Stand alone, follow on and hybrid damages claims arising out of multijurisdictional cartels are generating some of the most novel and interesting current problems in conflicts of laws, both in relation to issues of jurisdiction and applicable law. On the jurisdictional side conventional wisdom has it that there are three main routes by which Claimants can seize English jurisdiction.
First, you can find a so-called “Anchor Defendant” that is a cartelist (and it must be an addressee cartelist if in the CAT so long as Mersen is good law) domiciled here, against which you can proceed as of right under Article 2 of the Brussels Regulation. Then you can bring in other cartelists under Article 6 (i.e. a defendant against whom the claim is closely connected to that against the anchor defendant such that determining them together avoids the risk of irreconcilable judgments). Where the Anchor Defendant is an addressee of the decision this tactic is unproblematic. Continue reading →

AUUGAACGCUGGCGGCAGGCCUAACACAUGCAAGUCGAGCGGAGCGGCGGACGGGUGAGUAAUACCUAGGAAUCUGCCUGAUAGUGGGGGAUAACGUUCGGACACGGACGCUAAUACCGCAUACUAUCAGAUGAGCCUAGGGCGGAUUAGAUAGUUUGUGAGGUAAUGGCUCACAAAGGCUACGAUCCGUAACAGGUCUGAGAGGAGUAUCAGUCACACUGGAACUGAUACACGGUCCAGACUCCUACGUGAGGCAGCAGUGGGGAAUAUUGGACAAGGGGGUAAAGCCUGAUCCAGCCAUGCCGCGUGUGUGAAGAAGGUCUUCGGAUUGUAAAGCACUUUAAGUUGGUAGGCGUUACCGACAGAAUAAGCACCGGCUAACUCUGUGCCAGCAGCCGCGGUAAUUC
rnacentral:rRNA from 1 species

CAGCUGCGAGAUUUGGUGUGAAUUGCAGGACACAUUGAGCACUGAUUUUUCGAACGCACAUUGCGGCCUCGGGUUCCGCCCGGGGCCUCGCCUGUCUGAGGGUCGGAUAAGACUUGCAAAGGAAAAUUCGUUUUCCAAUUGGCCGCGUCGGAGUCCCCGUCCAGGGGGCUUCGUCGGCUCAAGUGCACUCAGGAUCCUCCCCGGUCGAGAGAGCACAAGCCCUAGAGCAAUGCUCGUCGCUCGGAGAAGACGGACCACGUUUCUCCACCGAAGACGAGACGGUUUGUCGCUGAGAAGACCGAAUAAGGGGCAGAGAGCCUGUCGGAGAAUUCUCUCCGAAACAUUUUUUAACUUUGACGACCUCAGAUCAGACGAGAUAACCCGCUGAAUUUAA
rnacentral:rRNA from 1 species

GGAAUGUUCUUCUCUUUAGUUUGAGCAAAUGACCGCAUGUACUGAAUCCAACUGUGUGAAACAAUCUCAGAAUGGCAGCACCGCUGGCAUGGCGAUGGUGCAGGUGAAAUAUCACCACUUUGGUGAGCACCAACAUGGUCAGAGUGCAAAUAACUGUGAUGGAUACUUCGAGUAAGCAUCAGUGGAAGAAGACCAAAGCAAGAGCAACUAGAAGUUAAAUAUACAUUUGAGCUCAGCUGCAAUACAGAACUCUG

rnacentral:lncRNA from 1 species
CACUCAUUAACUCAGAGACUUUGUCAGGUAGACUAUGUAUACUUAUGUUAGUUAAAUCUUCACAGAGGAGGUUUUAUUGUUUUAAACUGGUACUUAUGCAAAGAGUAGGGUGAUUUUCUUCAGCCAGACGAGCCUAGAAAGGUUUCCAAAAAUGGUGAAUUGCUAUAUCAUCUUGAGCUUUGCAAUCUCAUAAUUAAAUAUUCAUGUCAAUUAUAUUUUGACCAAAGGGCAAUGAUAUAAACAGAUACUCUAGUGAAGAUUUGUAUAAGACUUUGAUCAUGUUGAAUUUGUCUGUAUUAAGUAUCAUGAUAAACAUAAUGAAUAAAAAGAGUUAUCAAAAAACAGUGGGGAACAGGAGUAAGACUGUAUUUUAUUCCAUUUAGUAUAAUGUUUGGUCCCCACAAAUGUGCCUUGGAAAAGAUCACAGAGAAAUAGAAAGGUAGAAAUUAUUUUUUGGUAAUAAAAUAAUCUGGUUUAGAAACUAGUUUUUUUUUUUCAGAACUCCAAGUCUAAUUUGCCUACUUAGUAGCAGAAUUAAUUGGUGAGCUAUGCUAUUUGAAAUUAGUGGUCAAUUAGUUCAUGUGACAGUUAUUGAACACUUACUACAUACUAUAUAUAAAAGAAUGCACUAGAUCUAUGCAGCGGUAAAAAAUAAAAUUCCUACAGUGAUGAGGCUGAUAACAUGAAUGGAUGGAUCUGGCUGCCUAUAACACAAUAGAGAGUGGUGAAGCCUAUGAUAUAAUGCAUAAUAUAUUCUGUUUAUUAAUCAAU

The big news from last week’s UK announcement on reforming private competition enforcement is that the government plans to introduce opt-out class actions for competition claims.
The proposals incorporate various “safeguards” designed to ensure that the perceived excesses of US class actions do not become a problem here. Some of the safeguards are really no more than statements of the obvious – no-one can be surprised that we will not have US-style triple damages, or that law firms won’t be able to bring a claim without even having a claimant. On the other hand, some safeguards – such as the prohibition on contingency fees – will surely serve to limit the usefulness of UK class actions.
Financing aside, the big unanswered question is how attractive claimants will find such class actions (or “collective actions”, as the government prefers to call them, emphasising the differences with the US). Continue reading →
Filed under Abuse, Agreements, Damages, Policy, Procedure
Tagged as class action, collective action, competition law, competition law blog, consultation, DBIS, indirect purchaser, private actions